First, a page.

reply to post by dave420
dave420, thanks for replying to my post. While you may be somewhat correct in claiming that what I said belongs in some unknown conspiracy, there is
some truth to it. There are a lot of innovations and inventions which, after making the news, are quietly removed from the public eye. These are
things which have the potential to significantly change how we consume energy. Why would these things be swept away? It's quite simple. Big oil and
other corporations, and even the government, need to protect their interests and wallets. Why would a major energy provider (oil, gas, electricity,
etc.) want to promote an invention that could seriously diminish their profits?
Here are some examples:
Turning salt water into fire: www.wpbf.com...
Using water as a supplement to gas in cars: www.waterforfuel.com... www.watercarsolution.com...
Creating fuel with algae: www.popularmechanics.com...
In reading most articles and websites related to this topic, it is not uncommon to learn that some big oil company or the department of energy is
somehow involved with the research or the funding.
So why are these things not getting more attention from the media? Why do we not see a stronger push to move to some of these technologies at some
point, when they reach a point of being cost effective?
One might point to ethanol as the answer to those question. However ethanol production using corn is much more costly and detrimental than simply
using oil! www.rollingstone.com...
While it may not be possible to prove outright, some folks point to increased ethanol production as a factor for rising food costs
) and water shortages
). That aside, it is still not worthwhile to use corn to make ethanol. I can't say why
politicians are so high on it, but I am willing to speculate that it is to make it appear as though they are doing their part to support the so-called
fight on global warming. The reality is, ethanol is expensive and inefficient to produce (www.albionmonitor.com...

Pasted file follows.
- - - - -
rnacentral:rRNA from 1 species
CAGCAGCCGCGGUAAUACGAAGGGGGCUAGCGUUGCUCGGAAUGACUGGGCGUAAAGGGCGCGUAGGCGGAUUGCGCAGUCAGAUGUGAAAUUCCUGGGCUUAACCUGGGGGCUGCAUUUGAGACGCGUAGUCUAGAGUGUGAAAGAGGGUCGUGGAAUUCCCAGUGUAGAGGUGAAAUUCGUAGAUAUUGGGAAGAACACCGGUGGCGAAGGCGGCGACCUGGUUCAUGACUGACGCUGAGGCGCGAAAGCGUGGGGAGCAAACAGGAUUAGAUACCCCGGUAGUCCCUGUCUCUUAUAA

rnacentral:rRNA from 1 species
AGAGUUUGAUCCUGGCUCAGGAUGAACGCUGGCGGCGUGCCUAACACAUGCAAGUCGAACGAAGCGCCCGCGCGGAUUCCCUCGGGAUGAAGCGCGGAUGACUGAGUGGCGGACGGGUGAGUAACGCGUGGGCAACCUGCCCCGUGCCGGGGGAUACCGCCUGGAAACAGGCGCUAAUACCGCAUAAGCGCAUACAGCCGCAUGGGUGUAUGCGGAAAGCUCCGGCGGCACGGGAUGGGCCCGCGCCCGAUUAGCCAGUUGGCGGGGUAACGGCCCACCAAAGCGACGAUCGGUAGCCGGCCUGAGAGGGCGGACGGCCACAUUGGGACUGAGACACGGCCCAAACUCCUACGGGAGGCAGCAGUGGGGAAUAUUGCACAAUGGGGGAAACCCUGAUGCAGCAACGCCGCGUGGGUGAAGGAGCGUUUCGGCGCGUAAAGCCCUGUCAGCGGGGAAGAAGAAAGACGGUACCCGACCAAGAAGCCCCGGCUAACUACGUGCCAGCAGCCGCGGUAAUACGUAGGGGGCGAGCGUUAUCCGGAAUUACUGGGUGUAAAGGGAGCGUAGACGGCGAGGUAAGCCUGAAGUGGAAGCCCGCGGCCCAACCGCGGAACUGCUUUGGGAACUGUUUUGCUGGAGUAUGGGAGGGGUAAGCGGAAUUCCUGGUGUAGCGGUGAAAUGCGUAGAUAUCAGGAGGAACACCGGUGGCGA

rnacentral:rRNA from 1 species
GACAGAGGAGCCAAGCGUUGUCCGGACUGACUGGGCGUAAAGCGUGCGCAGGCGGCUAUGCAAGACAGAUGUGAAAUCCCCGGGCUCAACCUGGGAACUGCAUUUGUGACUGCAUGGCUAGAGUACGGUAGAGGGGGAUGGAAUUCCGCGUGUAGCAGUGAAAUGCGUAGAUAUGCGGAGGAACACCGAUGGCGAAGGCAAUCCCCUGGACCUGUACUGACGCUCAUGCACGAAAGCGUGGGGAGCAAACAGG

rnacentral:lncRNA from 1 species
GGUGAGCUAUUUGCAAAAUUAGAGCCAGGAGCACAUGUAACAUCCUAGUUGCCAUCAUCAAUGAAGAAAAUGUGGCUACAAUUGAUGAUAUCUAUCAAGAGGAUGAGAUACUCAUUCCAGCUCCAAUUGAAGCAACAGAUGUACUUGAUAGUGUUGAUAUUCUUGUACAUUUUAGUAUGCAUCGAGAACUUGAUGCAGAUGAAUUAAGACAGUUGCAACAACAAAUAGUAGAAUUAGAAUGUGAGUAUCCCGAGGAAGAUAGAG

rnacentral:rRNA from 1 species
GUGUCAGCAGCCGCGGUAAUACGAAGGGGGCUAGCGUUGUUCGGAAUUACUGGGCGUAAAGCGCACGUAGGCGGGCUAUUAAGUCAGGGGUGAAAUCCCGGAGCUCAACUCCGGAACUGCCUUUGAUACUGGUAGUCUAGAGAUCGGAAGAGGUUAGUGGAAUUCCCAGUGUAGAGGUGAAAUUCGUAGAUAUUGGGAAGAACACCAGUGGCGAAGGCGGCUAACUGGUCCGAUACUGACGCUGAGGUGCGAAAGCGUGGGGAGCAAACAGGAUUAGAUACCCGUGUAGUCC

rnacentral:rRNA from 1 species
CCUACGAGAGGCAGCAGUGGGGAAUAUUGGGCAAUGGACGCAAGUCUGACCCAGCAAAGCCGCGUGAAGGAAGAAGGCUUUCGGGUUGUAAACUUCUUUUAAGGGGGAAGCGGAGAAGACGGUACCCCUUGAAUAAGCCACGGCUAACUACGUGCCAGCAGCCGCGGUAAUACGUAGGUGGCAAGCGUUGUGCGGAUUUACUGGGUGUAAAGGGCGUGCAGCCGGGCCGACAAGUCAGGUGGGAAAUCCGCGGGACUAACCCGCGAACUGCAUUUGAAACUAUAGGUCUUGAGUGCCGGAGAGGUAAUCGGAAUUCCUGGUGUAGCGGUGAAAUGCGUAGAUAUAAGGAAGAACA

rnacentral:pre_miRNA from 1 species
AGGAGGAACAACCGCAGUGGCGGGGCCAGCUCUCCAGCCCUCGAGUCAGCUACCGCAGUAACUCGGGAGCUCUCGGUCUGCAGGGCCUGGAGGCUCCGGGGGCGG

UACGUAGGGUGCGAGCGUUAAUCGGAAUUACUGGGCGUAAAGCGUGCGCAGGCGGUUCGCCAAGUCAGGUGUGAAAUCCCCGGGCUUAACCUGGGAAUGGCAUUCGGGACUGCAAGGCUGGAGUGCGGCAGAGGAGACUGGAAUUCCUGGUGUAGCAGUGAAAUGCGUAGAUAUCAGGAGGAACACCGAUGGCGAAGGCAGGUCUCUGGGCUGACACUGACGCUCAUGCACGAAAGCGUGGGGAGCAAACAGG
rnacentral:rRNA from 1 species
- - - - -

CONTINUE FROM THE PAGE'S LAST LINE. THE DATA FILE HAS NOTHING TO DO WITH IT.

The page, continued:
Interestingly, I've also read that hybrid engines are also very inefficient to make, and a lot of toxic byproducts are left over...I'll try to find
So why do things like ethanol and hybrid cars get all the attention, while these other things hardly warrant any coverage?
Oil consuming combustion engines have been used in cars for over a century. According to wikipedia, 3,667,928 cars were made by the major automotive
companies in the year 2000 (en.wikipedia.org...
). If we assume that the average price for a car that year
was a very conservative $15,000, that means those cars cost, in total, $55,018,920,000. Fifty five billion dollars. As a person working for an
automotive supplier, I can tell you that a lot of that money is not profits. However it does give an idea as to just how much money is being thrown
Getting back to my point here... there is a lot at stake when it comes to continued use of oil. People make a LOT of money off of oil. They're not
going to be enthusiastic about jumping on the bandwagon for some brilliant invention that could take a big chunk out of their income, even it is in
the best interests of humans in general. Let's say that, for some unforeseeable reason, one of these inventions manages to revolutionize the way we
produce and/or consume energy in automobiles. The costs involved in creating new automobiles to cater to this new energy could be enormous. The impact
would not only be on companies like Ford, GM, Honda, etc. It goes much further than that. Those companies have suppliers who have suppliers who have
suppliers. The engineers from, say, Ford, would have to work with their suppliers to make the new parts, and those suppliers have to go through their
suppliers to make their stuff, and so on.
It is not surprising that huge companies don't want to change. The expenses would be huge. And, since money is what the corporations are all about,
there is no reason for them to embrace something that has the potential to sink the ship. And what better way to appear as though you care about the
environment and innovation while maintaining your control on the technology than to fund the research, pick up the patents, and then let them collect